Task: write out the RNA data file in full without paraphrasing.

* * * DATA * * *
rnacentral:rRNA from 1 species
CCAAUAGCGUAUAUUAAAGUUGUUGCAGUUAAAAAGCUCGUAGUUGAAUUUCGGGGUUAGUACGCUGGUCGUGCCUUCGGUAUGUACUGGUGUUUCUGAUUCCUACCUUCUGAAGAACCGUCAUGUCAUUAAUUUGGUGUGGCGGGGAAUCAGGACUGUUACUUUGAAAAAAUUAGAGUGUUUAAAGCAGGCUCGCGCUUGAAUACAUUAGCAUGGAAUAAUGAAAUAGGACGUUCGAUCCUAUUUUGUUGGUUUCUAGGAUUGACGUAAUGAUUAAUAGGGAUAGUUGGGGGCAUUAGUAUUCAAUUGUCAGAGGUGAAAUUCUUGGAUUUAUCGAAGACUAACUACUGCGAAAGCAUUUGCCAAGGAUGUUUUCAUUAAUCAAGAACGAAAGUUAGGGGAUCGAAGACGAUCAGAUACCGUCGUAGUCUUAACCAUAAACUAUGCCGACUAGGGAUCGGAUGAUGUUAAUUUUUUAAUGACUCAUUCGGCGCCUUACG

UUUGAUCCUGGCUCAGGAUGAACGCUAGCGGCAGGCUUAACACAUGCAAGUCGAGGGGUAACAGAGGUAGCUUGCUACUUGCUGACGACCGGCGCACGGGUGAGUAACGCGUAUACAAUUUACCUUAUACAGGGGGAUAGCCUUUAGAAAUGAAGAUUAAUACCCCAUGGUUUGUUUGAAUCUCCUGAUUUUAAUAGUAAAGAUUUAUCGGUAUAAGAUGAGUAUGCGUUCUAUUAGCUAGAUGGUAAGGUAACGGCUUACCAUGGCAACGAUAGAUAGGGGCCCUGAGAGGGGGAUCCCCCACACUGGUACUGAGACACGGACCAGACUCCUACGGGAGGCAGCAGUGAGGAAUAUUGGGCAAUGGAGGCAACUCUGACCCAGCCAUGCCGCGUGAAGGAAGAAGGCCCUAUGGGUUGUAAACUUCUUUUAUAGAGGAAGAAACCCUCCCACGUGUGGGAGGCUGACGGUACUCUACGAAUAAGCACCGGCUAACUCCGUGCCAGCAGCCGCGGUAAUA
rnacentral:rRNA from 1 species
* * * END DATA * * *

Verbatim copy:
rnacentral:rRNA from 1 species
CCAAUAGCGUAUAUUAAAGUUGUUGCAGUUAAAAAGCUCGUAGUUGAAUUUCGGGGUUAGUACGCUGGUCGUGCCUUCGGUAUGUACUGGUGUUUCUGAUUCCUACCUUCUGAAGAACCGUCAUGUCAUUAAUUUGGUGUGGCGGGGAAUCAGGACUGUUACUUUGAAAAAAUUAGAGUGUUUAAAGCAGGCUCGCGCUUGAAUACAUUAGCAUGGAAUAAUGAAAUAGGACGUUCGAUCCUAUUUUGUUGGUUUCUAGGAUUGACGUAAUGAUUAAUAGGGAUAGUUGGGGGCAUUAGUAUUCAAUUGUCAGAGGUGAAAUUCUUGGAUUUAUCGAAGACUAACUACUGCGAAAGCAUUUGCCAAGGAUGUUUUCAUUAAUCAAGAACGAAAGUUAGGGGAUCGAAGACGAUCAGAUACCGUCGUAGUCUUAACCAUAAACUAUGCCGACUAGGGAUCGGAUGAUGUUAAUUUUUUAAUGACUCAUUCGGCGCCUUACG

UUUGAUCCUGGCUCAGGAUGAACGCUAGCGGCAGGCUUAACACAUGCAAGUCGAGGGGUAACAGAGGUAGCUUGCUACUUGCUGACGACCGGCGCACGGGUGAGUAACGCGUAUACAAUUUACCUUAUACAGGGGGAUAGCCUUUAGAAAUGAAGAUUAAUACCCCAUGGUUUGUUUGAAUCUCCUGAUUUUAAUAGUAAAGAUUUAUCGGUAUAAGAUGAGUAUGCGUUCUAUUAGCUAGAUGGUAAGGUAACGGCUUACCAUGGCAACGAUAGAUAGGGGCCCUGAGAGGGGGAUCCCCCACACUGGUACUGAGACACGGACCAGACUCCUACGGGAGGCAGCAGUGAGGAAUAUUGGGCAAUGGAGGCAACUCUGACCCAGCCAUGCCGCGUGAAGGAAGAAGGCCCUAUGGGUUGUAAACUUCUUUUAUAGAGGAAGAAACCCUCCCACGUGUGGGAGGCUGACGGUACUCUACGAAUAAGCACCGGCUAACUCCGUGCCAGCAGCCGCGGUAAUA
rnacentral:rRNA from 1 species